Eve Teasing

Eve teasing is a term used in India and sometimes Pakistan, Bangladesh and Nepal for public sexual harassment, street harassment of women by men, with eve being a reference to the biblical Eve. Considered a problem related to criminal behavior in youth it is a form of sexual aggression that ranges in severity from sexually suggestive remarks, brushing in public places, catcalls, to complete groping. Sometimes it is referred to with a modest suggestion of innocent fun, making it appear safe with no resulting liability on the part of the person behind. Many feminists and voluntary organizations have suggested that the expression be replaced by a more appropriate term. According to them, considering the semantic roots of the term in Indian English, eve-teasing refers to the temptress nature of Eve, placing responsibility on the woman as a tease, as though the aggressive response of the males was normal rather than criminal.

Eve-teasing has been a notoriously difficult crime to prove, as the person behind often plan clever ways to attack women, even though many feminist writers term it as "little rapes" and usually occur in public places, streets, and public transport.

Some guidebooks to the area warn female tourists that eve teasing may be avoided by wearing conservative clothing, though eve teasing is reported both by local women and by conservatively-dressed foreign women.

Though the problem received public and media attention in 1960s, it was in the following decades, when more and more women started going out to colleges and work independently, which means they are often no longer accompanied by a male escort as had been a custom in traditional society, that the problem grew to an alarming proportion. Soon the Government had to take remedial measures, both judicial and law enforcement, to curb the danger and efforts were made to sensitize the police about the issue, and police started rounding up eve teasers. The deployment of plain-clothed female police officers for the purpose has been particularly effective; other measures seen in various states were setting up of Women's Helpline in various cities, Women Police stations, and special anti-eve-teasing cells by the police.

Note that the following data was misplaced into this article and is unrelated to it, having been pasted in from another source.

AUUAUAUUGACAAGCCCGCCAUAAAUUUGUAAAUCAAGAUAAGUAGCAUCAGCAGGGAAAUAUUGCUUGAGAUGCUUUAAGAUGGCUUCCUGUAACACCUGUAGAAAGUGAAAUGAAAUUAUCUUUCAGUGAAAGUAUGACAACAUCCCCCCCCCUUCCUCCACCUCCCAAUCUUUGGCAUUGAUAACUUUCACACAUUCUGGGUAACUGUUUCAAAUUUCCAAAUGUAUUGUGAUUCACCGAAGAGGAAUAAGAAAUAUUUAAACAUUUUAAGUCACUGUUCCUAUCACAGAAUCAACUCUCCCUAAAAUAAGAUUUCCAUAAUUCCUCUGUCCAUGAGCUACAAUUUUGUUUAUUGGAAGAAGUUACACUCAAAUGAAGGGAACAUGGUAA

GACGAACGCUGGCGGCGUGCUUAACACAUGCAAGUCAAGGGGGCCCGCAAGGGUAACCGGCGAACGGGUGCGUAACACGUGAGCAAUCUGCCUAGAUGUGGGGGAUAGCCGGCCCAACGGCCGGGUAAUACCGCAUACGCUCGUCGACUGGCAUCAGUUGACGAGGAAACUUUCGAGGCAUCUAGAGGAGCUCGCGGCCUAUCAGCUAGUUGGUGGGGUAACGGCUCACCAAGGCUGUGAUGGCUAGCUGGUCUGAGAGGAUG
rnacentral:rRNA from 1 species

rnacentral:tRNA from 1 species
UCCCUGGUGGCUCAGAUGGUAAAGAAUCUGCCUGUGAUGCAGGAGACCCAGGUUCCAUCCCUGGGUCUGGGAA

Also seen during this period was a marked rise in number women coming forward to report incidence of eve-teasing like cases of sexual harassment due to changing public opinion against eve teasers. In addition, the severity of eve-teasing incidences grew as well, in some cases leading to acid throwing, which in turn led to states like Tamil Nadu making eve teasing a non bailable offense. The number of women's organization and those working for women's rights also saw a rise, especially as this period also saw a rise in reports of bride burning. The increase in violent incidents towards women meant previously careless attitudes towards women's rights had to be abandoned by law makers. In the coming years, such organizations played a key role in lobbying for the eventual passing of legislation designed to protect women from violent eve-teasing.

Many other cases go unreported for fear of revenges and exposure to public shame. In some cases police let the offenders go, after public humiliation and ordinary punishment. Traditionally, cinema has depicted eve teasing as a part of teasing beginnings of a courtship, along with the usual accompaniment of song and dance routines, which invariably results in the heroine submitting to the hero's advances towards the end of the song, and young men tend to emulate the example, depicted so faultlessly on screen and which gave rise to the Roadside Romeo which even made it a film version in Roadside Romeo (2007)(Staring Saif Ali Khan). It also has been popularly depicted that when a girl is teased by eve teasers, the hero will come and beat them up, such as in the Telugu films "Madhumasam" and "Magadheera" and also the Hindi Movie "Wanted". Nowadays, this issue is also featured in Television Soaps.

(Mostly collected from web)